Did you know Mobile got its start as France’s first capital of the Louisiana territory?
The Port City’s origins date back to 1682 when French explorer Robert Cavelier, Sieur de la Salle, sailed down the Mississippi River and claimed the territory as La Louisiane in honor of King Louis XIV. When La Salle's subsequent efforts to create a colony in Texas failed, France sent an expedition in 1699, led by French-Canadian brothers Pierre Le Moyne d'Iberville and Jean-Baptiste Le Moyne, Sieur de Bienville, to establish control over France's Louisiana claims.
The Le Moyne brothers constructed Fort Louis de la Louisiane in 1702 at the Bay of Biloxi. Overcome by an epidemic, the colony (and the fort) moved to "27-mile bluff" on the Mobile River north of Mobile Bay.
It was during this time in 1704 that the ship Pélican brought additional colonists to the settlement, including 23 young French women known to history as the “PÉLICAN GIRLS”, who were chosen as prospective brides for the settlers, some of whom contracted and spread Yellow Fever though the colony. You can learn more about the “PÉLICAN GIRLS” IN GULFQUEST’S DISCOVERY HULL ON DECK 3.
An abundance of outbreaks of various diseases and a series of floods resulted in the colony being relocated in 1711 down-river to its present location at the confluence of the Mobile River and Mobile Bay.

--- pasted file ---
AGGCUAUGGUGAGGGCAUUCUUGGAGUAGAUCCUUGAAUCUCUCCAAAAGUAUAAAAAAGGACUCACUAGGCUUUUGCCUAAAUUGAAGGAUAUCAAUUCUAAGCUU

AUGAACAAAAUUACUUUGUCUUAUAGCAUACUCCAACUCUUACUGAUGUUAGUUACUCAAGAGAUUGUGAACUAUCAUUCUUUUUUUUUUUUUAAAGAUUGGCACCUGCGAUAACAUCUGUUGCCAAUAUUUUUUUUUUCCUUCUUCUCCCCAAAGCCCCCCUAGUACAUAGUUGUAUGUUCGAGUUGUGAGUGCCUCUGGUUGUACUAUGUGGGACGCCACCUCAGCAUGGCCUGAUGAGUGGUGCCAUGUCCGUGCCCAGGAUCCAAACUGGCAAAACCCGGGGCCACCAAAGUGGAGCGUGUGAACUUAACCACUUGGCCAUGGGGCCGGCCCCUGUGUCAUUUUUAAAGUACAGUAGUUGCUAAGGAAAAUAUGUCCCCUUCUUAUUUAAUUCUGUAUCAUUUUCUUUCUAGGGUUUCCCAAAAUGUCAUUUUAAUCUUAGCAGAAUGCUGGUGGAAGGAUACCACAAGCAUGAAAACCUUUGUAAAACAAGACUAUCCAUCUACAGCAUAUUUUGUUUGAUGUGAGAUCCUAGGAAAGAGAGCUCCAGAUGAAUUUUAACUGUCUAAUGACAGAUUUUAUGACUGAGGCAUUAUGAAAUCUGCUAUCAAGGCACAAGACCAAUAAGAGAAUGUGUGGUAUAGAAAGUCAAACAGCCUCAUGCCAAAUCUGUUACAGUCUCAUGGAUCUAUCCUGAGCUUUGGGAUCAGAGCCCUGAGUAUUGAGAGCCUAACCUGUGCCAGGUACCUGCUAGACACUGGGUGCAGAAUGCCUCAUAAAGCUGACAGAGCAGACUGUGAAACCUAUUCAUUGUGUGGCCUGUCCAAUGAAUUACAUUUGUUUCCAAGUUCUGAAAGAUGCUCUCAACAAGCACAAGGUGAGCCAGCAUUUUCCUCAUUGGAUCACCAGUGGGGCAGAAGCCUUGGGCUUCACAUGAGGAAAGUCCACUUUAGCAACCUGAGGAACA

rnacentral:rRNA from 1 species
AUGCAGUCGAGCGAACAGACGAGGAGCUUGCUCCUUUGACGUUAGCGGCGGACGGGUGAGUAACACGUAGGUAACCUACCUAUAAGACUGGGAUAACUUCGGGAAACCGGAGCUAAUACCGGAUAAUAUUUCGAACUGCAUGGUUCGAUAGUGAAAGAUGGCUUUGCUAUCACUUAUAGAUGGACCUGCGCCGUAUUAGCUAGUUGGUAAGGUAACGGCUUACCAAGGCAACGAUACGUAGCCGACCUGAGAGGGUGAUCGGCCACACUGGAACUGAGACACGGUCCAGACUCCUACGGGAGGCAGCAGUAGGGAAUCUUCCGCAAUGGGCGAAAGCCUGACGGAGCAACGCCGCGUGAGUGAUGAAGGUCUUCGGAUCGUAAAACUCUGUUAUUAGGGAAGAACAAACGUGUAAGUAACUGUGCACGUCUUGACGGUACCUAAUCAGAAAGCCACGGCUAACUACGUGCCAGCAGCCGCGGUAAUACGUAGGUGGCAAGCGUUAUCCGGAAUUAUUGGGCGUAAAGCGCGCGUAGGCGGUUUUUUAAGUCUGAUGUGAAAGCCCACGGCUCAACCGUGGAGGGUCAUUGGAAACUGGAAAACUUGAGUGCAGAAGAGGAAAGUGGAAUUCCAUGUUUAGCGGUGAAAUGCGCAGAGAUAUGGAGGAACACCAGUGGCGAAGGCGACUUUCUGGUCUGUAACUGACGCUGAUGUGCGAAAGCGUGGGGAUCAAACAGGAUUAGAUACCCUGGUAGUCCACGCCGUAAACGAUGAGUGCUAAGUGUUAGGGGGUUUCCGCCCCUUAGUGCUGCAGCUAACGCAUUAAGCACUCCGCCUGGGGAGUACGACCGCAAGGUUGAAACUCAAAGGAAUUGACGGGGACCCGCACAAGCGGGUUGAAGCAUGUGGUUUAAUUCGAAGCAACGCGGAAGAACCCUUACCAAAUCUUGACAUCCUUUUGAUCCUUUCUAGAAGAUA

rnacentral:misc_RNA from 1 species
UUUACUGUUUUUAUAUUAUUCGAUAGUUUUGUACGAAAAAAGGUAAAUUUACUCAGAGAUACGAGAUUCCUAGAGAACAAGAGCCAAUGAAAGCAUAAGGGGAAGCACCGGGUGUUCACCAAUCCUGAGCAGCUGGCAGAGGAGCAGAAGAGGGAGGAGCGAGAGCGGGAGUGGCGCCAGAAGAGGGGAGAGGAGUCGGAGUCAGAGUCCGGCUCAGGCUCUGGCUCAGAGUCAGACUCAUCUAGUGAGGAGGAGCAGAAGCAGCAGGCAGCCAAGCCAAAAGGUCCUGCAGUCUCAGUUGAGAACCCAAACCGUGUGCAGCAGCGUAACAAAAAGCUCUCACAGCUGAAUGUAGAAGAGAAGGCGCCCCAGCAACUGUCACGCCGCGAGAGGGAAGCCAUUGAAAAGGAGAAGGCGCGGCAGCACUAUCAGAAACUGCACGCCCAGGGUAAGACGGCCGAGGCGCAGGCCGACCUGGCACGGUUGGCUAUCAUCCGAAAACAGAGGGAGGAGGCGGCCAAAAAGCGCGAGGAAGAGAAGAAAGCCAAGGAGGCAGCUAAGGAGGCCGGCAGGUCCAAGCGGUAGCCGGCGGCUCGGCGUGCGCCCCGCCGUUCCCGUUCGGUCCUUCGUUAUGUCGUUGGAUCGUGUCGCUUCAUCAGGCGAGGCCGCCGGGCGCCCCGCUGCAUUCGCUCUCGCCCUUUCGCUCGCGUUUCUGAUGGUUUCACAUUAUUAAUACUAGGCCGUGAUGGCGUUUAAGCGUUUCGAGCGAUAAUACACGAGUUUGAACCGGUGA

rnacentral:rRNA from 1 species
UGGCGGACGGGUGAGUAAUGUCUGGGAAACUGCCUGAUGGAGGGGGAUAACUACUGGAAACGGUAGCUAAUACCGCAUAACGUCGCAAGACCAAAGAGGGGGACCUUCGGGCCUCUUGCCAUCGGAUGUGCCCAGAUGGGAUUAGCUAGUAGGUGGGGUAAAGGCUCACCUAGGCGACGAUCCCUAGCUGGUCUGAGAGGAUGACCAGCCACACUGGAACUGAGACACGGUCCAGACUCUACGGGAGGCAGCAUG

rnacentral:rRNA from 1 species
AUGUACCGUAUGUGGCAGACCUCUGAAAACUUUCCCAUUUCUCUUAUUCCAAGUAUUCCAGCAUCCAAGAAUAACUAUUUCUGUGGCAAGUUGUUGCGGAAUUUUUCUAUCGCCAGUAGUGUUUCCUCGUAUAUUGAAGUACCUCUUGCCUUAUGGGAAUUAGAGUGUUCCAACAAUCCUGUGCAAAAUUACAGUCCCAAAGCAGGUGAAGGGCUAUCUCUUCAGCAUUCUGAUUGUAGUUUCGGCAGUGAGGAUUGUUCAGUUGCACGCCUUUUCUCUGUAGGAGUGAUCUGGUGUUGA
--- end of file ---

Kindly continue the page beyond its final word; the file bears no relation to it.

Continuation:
Following the settlement’s relocation, France’s Louisiana capital eventually moved from Mobile back to Biloxi (even though the Le Moyne brothers maintained the fort in Mobile), and then from Biloxi to New Orleans in 1722.
So there you have it! It’s more than Mardi Gras, a love for the water and great Southern delicacies that unite these coastal cities: Mobile, GulfQuest’s home port, has deep-rooted connections to its sister cities, and those connections are what make the “South Coast” a PLACE LIKE NO OTHER!
KEEP A WEATHER EYE OUT
On land and sea, this means "stay alert." But sailors on lookout for approaching vessels, obstructions or bad weather sometimes fall asleep. Also, it can be difficult to look "to weather," that is, directly into wind and rain.